Whenever a new threat to person or property emerges, you can be certain that it won't take long for an insurance company to start selling policies - as we see in the emergence of cyber insurance. No, this isn't insurance for your robots, although we're sure that's also coming soon. Cyber insurance specifically protects against cyber-crime and the potentially-enormous costs that can be associated with even a minor data breach.
With the average data breach in 2018 costing $3.86 million dollars, according to IBM, it's little wonder that companies are starting to opt for this form of protection. Thus far, most buyers have been medium to large scale firms - that is, the ones with the most to lose.
However, some companies are beginning to pitch cyber insurance to smaller operations. But is it really worth it for a SMB? Let's dig in.
Does Your Small Or Midsized Business Really Need Cyber Insurance?
Of course, the first question when it comes to getting insurance (of any type) is "What are the risk factors?" There's little point purchasing a policy against something that's unlikely to affect you, like getting flood insurance in Nevada.
When it comes to cyber-crime, there's lots of data, and lots of differing interpretations of that data. However, one key factor is that it seems cyber-criminals do preferentially target medium-large businesses. Those are the businesses that A) are likely to have reasonably large amounts of customer data, but B) may not have sufficient IT staff or security measures in place. Companies with something like 500-1000 employees are probably at the highest risk.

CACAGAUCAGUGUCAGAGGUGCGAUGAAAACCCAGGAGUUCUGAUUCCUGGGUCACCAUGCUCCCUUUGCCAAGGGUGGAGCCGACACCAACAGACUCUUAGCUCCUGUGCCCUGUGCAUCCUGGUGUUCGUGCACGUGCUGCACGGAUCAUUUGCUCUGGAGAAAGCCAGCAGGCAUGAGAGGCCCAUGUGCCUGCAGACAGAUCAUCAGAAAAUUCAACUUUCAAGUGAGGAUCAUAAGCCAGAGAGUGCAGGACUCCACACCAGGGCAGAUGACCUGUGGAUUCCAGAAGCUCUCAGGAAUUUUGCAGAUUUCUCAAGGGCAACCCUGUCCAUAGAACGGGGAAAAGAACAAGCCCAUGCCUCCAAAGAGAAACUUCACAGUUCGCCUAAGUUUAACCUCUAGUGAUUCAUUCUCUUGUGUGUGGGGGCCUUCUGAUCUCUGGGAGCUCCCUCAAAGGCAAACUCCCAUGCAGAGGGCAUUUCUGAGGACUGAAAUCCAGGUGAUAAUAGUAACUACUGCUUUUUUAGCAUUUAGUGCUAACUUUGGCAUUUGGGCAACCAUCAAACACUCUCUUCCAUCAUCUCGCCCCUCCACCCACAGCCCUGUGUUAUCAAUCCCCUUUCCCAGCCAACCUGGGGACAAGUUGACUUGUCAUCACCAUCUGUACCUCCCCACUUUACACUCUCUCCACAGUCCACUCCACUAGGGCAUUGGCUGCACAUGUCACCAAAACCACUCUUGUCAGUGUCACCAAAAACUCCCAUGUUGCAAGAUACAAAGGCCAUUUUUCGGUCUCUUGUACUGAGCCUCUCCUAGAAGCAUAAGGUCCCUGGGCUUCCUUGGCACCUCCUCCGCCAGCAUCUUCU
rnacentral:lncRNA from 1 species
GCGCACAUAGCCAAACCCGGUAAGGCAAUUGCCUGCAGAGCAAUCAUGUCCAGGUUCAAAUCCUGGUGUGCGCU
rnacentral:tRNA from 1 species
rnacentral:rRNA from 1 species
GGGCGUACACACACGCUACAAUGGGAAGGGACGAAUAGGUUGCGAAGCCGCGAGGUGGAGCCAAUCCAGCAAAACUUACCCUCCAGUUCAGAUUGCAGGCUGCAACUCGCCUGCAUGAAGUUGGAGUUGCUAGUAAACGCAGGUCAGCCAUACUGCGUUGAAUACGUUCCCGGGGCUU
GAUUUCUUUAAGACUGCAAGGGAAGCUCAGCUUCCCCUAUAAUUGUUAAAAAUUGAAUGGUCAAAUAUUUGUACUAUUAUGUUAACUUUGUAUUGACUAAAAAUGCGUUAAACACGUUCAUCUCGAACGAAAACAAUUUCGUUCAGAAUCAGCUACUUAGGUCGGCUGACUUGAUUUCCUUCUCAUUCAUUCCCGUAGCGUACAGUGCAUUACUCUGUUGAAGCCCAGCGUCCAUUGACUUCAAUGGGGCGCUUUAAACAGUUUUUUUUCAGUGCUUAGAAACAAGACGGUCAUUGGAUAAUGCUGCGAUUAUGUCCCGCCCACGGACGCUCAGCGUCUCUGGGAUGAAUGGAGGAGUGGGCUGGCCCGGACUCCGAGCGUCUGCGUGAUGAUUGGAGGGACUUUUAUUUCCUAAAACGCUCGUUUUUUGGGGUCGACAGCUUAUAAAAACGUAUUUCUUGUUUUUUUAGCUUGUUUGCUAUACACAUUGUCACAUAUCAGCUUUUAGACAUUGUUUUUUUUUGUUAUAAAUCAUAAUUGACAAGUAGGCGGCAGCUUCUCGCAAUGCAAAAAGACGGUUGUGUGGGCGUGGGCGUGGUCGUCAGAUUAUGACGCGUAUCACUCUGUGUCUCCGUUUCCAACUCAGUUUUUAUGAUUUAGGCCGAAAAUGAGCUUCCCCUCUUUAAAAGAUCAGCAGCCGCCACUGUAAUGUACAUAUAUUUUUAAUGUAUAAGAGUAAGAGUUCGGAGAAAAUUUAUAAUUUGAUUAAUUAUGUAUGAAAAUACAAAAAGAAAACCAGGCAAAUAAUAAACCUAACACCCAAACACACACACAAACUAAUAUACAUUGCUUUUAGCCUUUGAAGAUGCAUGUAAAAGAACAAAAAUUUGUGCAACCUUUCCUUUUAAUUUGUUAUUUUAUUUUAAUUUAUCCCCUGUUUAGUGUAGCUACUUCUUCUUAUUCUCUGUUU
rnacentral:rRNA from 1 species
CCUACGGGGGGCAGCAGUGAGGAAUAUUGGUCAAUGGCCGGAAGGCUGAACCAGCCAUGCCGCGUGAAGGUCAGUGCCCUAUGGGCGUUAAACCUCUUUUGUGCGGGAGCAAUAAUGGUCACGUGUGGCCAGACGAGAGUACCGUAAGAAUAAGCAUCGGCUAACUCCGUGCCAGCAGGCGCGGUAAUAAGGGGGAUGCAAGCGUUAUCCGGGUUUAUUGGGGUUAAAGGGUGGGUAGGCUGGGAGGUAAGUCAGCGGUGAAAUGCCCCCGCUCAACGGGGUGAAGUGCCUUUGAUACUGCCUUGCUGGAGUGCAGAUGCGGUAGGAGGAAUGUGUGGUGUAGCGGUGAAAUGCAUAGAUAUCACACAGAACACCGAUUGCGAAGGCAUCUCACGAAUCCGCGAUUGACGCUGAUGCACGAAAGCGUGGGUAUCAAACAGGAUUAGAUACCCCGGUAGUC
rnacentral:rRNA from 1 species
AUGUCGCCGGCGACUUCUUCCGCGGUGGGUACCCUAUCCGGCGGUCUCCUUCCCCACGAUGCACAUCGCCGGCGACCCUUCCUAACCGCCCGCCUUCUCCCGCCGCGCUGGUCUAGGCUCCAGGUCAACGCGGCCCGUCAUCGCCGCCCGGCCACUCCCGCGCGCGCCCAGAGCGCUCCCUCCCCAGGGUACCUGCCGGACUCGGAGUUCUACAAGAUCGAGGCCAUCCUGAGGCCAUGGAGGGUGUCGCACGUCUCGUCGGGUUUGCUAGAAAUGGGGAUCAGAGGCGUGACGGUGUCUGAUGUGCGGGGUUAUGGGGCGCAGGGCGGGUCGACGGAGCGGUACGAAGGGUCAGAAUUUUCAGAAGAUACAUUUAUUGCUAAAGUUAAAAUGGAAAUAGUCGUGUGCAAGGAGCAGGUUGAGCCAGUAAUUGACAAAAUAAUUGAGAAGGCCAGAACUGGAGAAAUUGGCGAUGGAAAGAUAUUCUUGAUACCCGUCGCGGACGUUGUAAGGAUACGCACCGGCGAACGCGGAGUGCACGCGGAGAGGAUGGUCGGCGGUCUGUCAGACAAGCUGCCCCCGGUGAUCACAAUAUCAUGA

In addition, medical companies and organizations are at particular risk. Medical databases are basically the motherlode for data thieves. In addition, since many medical operations are on tight budgets, they often have insufficient network security or untrained staff.
So, without even getting further into the topic, if you are a mid-sized medical organization, you definitely want cyber insurance.
For everyone else, though... it's questionable. The big issue at the moment is that policy offerings are far from standardized. Since cyber-crime is such a new and evolving threat, every insurance company which offers cyber insurance policies is doing so differently.
Additionally, few policies out there are truly comprehensive. They will usually have very tight restrictions on the type of crimes covered, the types of damages paid for, or both. On top of that, they tend to have extremely strict requirements on your own standards and policies, and failure to comply with those requirements can lead to having the claim denied.
And then you're out the cost of the breach AND the cost of insurance.
Keeping Yourself Safe Is Still The Best Policy
If you feel your company is genuinely a target for cyber-criminals, or you handle particularly high-value data, there may be value in talking about getting a cyber insurance policy. However, be prepared to do a lot of research and negotiate with plenty of sales reps before you sign up.
For everyone else, though, that money might be better-spent shoring up your own defenses. Have you ever conducted a live network penetration test? Hiring a group to directly test your system security, and report on any problems found, could easily be a more productive use of your money.
To learn more about how you can affordably test and beef up your network security, just contact Hummingbird Networks.